The future ain't what it used to be. Those of a certain age will remember exciting predictions that by the year 2000, we would all be hurling round on monorails, dressed in tinfoil and popping pills for dinner. OK, so the tinfoil trousers never caught on, but in the age of the Docklands Light Railway and nutritional supplements, the crazy dreams of the last century seem endearingly modest. It is perhaps no accident that, as the global economy crashes and the ecological Doomsday scenario gathers momentum, futurists have upped their game. This week – a big week for breakthroughs – we heard the soothing news that immortality is finally within our grasp. If we can just hang on in for the next 20 years, we can live for ever. Possibly on the Moon.
The man promising eternal life is not your average wild-eyed cultist. He is Ray Kurzweil, the American inventor of the speech synthesiser and a prominent, though not unquestioned, figure in the field of artificial intelligence. According to Kurzweil, the advance of technology is not linear, but exponential. By analysing how far we have come, we can predict how far and how fast we will progress. "I believe, he says, "that in around 20 years we will have the means to reprogram our bodies' stone-age software so we can halt, then reverse ageing. Then nanotechnology will let us live for ever."
There is, of course, a considerable gulf between theoretical science and its universal application. God knows the non-theoretical stuff is problematic enough. Video recorders have been round for more than 20 years and not all of us know how to work them. But even if, for the sake of argument, immortality were technically possible, what would we do with it?
There are certain obvious implications. If age does not wither us, how will we fit the extra candles on our birthday cakes? How will we fit the extra people on the planet? (Indeed, if nobody ever dies, is it desirable – or even possible – for new people to be born?) There will be no clear way of knowing when female newsreaders on the BBC have passed their sell-by dates. And how hard will we kick ourselves if Margaret Thatcher makes a comeback, aged 103, and leads the Conservative Party to victory in all eternity? I'm not quite doomy enough to agree with Schopenhauer that "to desire immortality is to desire the perpetuation of a great mistake", but there are downsides.
Our fascination with the notion of eternal life is instinctive and atavistic. Every morality tale we tell ourselves, from the grail legend to science fiction (not forgetting most world religions), is wound about the notion of human mortality. Death is traditionally the leveller, the absolute against which all else is measured. Take away that absolute and you take away the reason, or at least some good reasons, for living.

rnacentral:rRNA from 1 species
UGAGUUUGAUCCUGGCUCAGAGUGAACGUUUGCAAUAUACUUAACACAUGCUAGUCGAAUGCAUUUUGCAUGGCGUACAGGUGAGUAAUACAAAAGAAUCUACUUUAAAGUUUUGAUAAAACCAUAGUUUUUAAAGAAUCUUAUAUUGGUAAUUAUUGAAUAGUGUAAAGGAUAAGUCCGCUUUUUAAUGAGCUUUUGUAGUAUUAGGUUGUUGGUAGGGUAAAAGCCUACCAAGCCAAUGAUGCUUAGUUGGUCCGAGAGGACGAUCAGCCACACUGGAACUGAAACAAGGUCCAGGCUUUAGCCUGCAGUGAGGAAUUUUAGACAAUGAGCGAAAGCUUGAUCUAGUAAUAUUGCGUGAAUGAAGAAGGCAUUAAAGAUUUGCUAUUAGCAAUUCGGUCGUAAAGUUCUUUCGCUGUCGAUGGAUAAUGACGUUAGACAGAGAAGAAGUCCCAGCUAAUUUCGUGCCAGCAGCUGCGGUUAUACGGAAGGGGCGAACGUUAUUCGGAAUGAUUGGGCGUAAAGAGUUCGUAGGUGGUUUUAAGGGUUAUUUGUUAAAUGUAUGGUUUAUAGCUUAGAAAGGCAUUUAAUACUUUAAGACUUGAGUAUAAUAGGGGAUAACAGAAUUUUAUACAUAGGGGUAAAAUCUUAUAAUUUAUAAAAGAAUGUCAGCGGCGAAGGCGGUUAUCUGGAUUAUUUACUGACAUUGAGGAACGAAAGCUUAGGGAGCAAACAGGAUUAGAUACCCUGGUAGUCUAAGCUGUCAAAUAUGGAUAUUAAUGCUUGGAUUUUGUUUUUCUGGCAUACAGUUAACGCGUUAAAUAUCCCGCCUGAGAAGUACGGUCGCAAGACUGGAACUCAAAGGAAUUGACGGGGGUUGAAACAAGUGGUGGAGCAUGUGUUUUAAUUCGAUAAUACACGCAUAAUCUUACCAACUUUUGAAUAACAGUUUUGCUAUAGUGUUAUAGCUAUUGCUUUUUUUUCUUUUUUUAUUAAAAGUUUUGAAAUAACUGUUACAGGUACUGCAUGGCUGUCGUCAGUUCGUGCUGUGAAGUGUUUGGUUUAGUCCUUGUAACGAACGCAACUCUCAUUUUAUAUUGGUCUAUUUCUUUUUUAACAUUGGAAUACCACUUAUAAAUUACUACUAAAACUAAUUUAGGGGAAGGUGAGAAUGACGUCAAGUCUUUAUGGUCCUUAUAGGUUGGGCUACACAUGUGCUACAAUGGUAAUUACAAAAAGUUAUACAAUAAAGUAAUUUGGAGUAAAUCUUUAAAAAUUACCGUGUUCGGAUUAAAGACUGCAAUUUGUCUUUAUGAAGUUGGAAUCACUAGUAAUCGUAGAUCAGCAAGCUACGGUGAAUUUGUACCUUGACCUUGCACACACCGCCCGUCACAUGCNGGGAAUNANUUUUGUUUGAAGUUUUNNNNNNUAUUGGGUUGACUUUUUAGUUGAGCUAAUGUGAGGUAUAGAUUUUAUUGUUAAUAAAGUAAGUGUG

Mythology, at least, supports the idea of immortality as a reward for good behaviour. Immortality as a market commodity is a modern twist and another reason to fear Kurzweil's brave new world. Humanity's record on deciding who gets to live and who gets to die is not good. The week's more immediately useful breakthrough in the development of a vaccine against HIV is already clouded by concern over how the benefits will be distributed. If the free availability of the antiretroviral drugs that slow the progression from HIV to full-blown Aids is any kind of model, sub-Saharan Africa, home to two-thirds of the world's Aids-affected population, will be a long way down the queue.
If life-preserving drugs are handed out according to personal wealth or GDP, what price the immortality process? Kurzweil assures us that affordability keeps pace, or at least follows close on the heels of technological advances. My guess is that nanobots (the structures it is claimed will replace blood cells and enable us to write books in minutes and sprint like Olympians for 15 minutes without drawing breath) will remain a "premium product".
A world where only the poor grow old and die is not most people's idea of progress. And it's a short leap to the Huxleian nightmare of a New Order where the young and lovely are serviced by a subspecies of ageing drones. (Anyone who has ever ventured into Topshop with a teenage daughter will recognise the horror.)
The desire to live for ever is the existential scream of the ego. And we live in a society that has, as it were, given ego its head. Today, immortality is a theoretical possibility. Tomorrow, we will surely demand it as our "right". Yet Kurzweil admits that "the final frontier" is still a way off. If we've got the demographics right, there are going to be a lot of old people around in the next 20 years. We may even be among them.
We need to fight down the herd panic on the issue of ageing and its natural consequence. Because immortality is not the answer. It is the only and original fate worse than death.